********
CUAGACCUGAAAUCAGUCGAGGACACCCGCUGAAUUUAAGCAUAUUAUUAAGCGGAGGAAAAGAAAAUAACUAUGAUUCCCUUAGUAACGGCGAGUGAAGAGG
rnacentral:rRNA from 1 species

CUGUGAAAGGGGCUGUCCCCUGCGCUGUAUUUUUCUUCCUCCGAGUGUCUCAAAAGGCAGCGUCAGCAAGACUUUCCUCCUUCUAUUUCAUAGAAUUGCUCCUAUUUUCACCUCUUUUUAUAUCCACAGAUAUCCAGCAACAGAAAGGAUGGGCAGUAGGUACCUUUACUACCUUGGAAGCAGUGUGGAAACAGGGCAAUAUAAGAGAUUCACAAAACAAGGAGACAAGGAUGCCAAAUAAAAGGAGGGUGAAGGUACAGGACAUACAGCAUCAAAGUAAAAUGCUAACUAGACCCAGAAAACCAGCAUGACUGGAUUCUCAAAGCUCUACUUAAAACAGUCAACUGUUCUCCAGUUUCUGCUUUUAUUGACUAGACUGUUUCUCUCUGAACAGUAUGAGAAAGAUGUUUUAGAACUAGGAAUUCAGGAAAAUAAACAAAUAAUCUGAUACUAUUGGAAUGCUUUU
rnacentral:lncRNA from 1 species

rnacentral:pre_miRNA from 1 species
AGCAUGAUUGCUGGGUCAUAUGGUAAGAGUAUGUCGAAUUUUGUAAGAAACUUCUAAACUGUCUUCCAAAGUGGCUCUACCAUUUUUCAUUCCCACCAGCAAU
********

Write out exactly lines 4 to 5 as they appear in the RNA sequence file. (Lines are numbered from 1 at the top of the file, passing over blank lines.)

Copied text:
rnacentral:lncRNA from 1 species

rnacentral:pre_miRNA from 1 species